”]I’m beginning this post with a request, please help me find where this illustration was published and for what story it was created. I’ve already benefited from assistance from a variety of collectors and enthusiasts in this search, but we’ve had no success. If someone can find the citation for this image, I will re-address it in a second post. Without a text to go with this anachronistic Tom Lovell illustration The Blue Hour, we are left with only our eyes and our knowledge of American life in the 1950s to aid our understanding of what we see. So what is there?

In the background a trooper stands in a phone booth talking on the phone and gesturing with his thumb back at the woman standing outside the booth. In the foreground appear to be two sets of children. On the right are two young boys and a hound on a leash. One in a cowboy hat and boots has climbed the barrier pole to the right of the phone booth. His feet are balanced at either side of the pole and his upper body leans over the pole. Behind him a rear tie and bumper of a car can be seen. The boy next to him is crouched on the ground and his body is partially obscured by the dog in front of him. This boy’s hair appears to be in a rather disorderly mess. To the left two girls stand back to back, one slightly older than the other, but they wear identical clothing: white knee socks and saddle shoes, dark blue long sleeved dresses with white ruffles at the collar and at their hems.

In the midst of all of this commotion stands a regal dark haired women whose slacks and top are black. She wears a bright yellow scarf around her neck and has a camel coat thrown over her shoulders.  She leans against the edge of the phone booth with her arms folded and her legs crossed. Her shoes—oh her shoes—are turquoise heels whose sides and backs are edged with a turned black leather collar. The toes sport little black ties.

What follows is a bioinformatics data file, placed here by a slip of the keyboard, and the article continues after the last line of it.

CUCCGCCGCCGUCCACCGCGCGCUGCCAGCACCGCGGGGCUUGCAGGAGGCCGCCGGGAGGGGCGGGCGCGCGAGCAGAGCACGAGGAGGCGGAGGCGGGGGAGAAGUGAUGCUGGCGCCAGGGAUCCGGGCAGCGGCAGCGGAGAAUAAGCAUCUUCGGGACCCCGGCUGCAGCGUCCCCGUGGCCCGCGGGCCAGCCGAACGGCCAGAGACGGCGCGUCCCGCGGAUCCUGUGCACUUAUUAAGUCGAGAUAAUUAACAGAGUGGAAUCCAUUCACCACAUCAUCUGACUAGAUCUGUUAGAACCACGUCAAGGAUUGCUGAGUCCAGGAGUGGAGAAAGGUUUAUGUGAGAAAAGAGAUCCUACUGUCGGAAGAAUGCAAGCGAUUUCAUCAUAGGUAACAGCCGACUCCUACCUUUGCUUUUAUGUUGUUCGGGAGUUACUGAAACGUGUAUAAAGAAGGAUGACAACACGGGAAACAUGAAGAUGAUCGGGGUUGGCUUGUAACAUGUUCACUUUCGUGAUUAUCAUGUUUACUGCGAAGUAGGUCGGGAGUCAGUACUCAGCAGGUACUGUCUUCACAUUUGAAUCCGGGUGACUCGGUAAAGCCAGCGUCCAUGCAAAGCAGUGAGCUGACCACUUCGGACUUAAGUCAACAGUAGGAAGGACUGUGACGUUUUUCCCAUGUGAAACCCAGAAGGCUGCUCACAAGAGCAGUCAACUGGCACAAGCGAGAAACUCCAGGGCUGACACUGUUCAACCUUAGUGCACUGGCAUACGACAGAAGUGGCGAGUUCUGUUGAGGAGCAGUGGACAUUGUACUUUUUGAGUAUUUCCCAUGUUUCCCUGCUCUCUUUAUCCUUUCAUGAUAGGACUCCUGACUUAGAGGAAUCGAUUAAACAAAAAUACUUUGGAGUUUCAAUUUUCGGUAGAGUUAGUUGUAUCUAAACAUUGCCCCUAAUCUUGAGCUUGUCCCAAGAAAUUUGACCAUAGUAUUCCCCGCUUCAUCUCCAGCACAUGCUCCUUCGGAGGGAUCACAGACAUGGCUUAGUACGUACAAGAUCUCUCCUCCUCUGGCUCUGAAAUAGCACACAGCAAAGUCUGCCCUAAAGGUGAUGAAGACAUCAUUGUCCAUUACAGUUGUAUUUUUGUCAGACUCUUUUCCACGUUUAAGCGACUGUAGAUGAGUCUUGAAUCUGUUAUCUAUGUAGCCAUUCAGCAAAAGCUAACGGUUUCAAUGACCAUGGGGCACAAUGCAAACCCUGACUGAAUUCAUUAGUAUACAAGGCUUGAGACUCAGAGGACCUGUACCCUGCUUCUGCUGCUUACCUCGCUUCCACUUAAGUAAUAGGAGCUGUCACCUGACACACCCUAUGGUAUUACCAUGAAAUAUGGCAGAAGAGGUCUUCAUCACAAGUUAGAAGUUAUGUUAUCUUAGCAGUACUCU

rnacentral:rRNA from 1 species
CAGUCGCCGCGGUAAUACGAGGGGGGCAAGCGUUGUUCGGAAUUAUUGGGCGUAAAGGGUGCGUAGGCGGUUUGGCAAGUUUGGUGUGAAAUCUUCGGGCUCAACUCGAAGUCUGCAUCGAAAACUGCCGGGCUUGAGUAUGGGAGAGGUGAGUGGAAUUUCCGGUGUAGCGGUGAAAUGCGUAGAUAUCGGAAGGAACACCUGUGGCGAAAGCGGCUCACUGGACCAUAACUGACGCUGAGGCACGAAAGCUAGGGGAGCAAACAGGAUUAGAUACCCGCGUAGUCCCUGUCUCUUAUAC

While the trooper appears to be gesturing at the woman, the children seem to have nothing to do with her and she appears to have nothing to do with anyone else in the scene. Indeed instead of reading the image as a whole with each part relating to the others, this painting comes across as if it were a composite of four different vignettes. These four distinct scenes may be paired two and two. That is to say that the Trooper may be compared to the classy disdainful woman and the two sets of children may be contrasted as girls versus boys–neat and refined girls as opposed to scruffy and active boys.

Using the image to guess at the story, my conjecture is that the four children have nothing to do with the woman, but are in fact the trooper’s responsibility. Not only is the  lady’s outfit simple  but distinctive, along with those very unique shoes, but also her gaze away from and noninvolvement in the scene make her appear to be more like a member of the beat generation than the mother of part or all of the wholesome brood arrayed jostling around her. She is passive and withdrawn, they are active and engaged. The trooper is focused on relaying the situation (whatever it is) and the women gazes outwardly while everything else in the composition is focused inwardly.

Since Lovell was so good at visually telling a coherent story in his illustrations, the disjointedness of this composition must be intentional. So how about this for an interpretation: The trooper has been doing kid duty: he has dragged the scruffy boys and their dog along as he picked the girls up from some sort of class, dance perhaps. As he transports his brood home, he come across a damsel in distress, the beatnik babe. So he picks her up and takes her with them to find a phone booth and call for assistance.  I love that it is the trooper in the phone booth, and because the booth’s door is open he cannot transform into Superman, or anyone else. He remains the clean-cut do-gooding slightly annoyed public servant. She remains detached from the tumult around her. This explanation posits a reversal of gender roles for the adult characters in contrast with the gender reaffirming aspects of the children’s depictions, reflecting the beginnings of strain and readjustment in American post-war society. Whew!

February 11, 2010

By Joyce K. Schiller, Curator, Rockwell Center for American Visual Studies
Norman Rockwell Museum